Tuesday, January 05, 2010

Adrenaline and Mince Pies

For the first couple of days of the Christmas holidays, I had a middling sized case of stomach gripes - which gave me an excuse to stay in bed a bit longer than normal, but wasn't very pleasant. Christmas lunch was great, but the next few meals after that were a bit of a non-event. It's becoming the norm that part of my body conks out in the first couple of days of the Christmas holidays, which isn't really something I want to keep up for the next 25 years.

During December there were roughly 20 Christmas events, ranging from some songs and a prayer with the pre-school, to carol services which I had to plan, lead, and preach at. Plus a wedding blessing, a baptism, the normal round of Sunday services, pastoral work, meetings, and the long-delayed Tidying of the Study.

I'm not sure if it's the holiday itself, where my body goes 'at last, a chance to crash!', or something physiological. It can't be great to have a series of 15-20 adrenaline/stress peaks over the course of a month, though I guess anyone acting in the theatre, or gigging regularly, has to do the same. However, they don't have to do a normal days work around it.

1. Reduce the number of Christmas services I do either delegate a few more (though that's limited, some people want A Vicar), or drop a few from the schedule.
2. Have a week off prior to December to give myself enough battery power to arrive at December 25th still recognisably human. Ok, but there's only so much holiday available per year, and there are more enjoyable times of the year than late November. In fact, pretty much any time of the year is more enjoyable than late November.
3. um, ?
4. Find out what works for other people with an adrenaline chart which looks like the Lake District.

I find that 'routine' services - communion, evening prayer etc., where 95% of it is set down for you, someone else has chosen the hymns, etc. take less out of me, though there's still the challenge of bringing them alive and making the words of the prayers into prayers, rather than recitations. But that's not so easy during Christmas - most of the services aren't 'routine', by their very nature, and most of the people I'm preaching to aren't a familiar congregation, so trying to craft a talk that will amuse/appeal/challenge/inform/linger in the memory is one of the biggest challenges of the year. All the more so if you've got to come up with several talks, all on the familiar Christmas theme, which light the story from such a new angle that people snap out of the daydream and open their eyes a little wider.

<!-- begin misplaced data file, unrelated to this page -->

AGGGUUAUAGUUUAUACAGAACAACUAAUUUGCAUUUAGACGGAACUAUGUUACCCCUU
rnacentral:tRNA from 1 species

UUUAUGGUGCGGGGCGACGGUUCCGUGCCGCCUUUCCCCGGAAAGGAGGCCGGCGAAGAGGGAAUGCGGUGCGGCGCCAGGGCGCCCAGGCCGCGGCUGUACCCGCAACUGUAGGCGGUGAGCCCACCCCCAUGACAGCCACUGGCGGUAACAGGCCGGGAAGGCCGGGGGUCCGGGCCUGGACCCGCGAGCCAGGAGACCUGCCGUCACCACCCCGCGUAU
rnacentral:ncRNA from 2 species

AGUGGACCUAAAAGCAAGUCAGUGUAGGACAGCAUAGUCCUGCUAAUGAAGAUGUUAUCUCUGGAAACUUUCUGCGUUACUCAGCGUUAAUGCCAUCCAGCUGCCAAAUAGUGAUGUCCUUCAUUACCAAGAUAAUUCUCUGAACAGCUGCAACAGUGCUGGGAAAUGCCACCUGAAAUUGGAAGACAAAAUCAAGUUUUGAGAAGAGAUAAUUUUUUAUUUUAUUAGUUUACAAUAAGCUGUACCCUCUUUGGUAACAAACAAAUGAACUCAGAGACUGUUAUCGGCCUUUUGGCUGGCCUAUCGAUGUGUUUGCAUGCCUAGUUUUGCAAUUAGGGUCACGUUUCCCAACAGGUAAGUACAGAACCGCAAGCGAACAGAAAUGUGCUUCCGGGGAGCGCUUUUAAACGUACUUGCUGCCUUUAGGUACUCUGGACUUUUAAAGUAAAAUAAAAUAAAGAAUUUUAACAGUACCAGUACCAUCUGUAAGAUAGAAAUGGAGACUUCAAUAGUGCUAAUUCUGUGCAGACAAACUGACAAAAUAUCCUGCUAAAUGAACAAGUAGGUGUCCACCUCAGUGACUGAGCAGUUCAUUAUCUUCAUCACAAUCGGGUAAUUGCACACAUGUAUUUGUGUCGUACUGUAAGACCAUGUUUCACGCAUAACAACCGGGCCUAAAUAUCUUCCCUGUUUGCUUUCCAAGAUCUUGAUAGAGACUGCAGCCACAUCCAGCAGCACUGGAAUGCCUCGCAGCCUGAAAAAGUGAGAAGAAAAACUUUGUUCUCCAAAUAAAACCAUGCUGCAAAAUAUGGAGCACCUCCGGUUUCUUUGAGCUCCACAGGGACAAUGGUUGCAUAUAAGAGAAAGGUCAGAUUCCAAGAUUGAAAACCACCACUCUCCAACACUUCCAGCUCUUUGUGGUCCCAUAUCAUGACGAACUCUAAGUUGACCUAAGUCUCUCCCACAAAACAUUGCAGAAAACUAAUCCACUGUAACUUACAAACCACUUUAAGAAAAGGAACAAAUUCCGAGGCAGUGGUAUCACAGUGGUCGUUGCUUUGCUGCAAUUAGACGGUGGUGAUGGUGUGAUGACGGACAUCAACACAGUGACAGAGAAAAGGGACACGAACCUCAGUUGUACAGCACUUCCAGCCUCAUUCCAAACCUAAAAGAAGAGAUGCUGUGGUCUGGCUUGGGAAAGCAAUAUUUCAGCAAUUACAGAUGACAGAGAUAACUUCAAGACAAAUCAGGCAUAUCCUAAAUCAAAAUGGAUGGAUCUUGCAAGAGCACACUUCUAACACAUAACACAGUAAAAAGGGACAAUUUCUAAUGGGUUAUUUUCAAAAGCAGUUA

This isn't a whinge, I really enjoy Christmas, but I'd love to enjoy it more. Not to be so tired, to be able to give 100% on each occasion rather than the 80, 70, 60% I've got still in the tank. And I'd also like to have enough in the tank that my family don't spend Christmas week waiting for Dad to become bearable again.


  1. Since I started Theological College, I've always had my post-Christmas cold/flu. Without fail, I would fall ill in the days after Christmas, just as you're saying. Last year (2008) I fell ill on the day before Christmas Eve and missed my whole first Christmas in the parish... This year, I thought I had escaped - some minor colds through December but I was keeping going, and then on New Year's Eve, bang, full on cold/flu again, no voice, and I had to preach on Sunday night with about 25% voice...

    At our last diocesan clergy conference the speaker was talking about stress and he suggested that a warning sign was that whenever you're on holiday you fall ill... oops. But what can be done, whenever there are the expectations about what has to be done?

    Especially if you're the vicar on your own - at least at the minute we have a staff team in our parish so there's last minute cover available if illness comes, but it can't be as easy when you're virtually on your own in that respect.

    Hope you're feeling better now - I'm still not right, but I'm getting there!

  2. I've had the same problem - as soon as I switch off I get ill. Where to strike the right balance is impossible for anyone else to say, but having time off in advance is a very good idea - NB it's NOT holiday, it's retreat/preparation. A couple of days the week before might help.

    Or, take three months off before mid-December, it worked for me!!!!!

  3. Seems to be working the other way round for me as well - restarted work on Saturday, and I've spent the last 36 hours in bed with the shivers.

  4. Have you considered a short City Break (Paris?) half way through December, either over a w/e or Tue -> Thur.

    Go shopping for chocolate.

  5. Matt, there is no way I am going through that tunnel after what happened last month. Our nearest city (after Wells) is Bath, which might do quite nicely, some decent shopping, plenty of eating, and a Roman spa bath for people who like sitting in hot muddy water.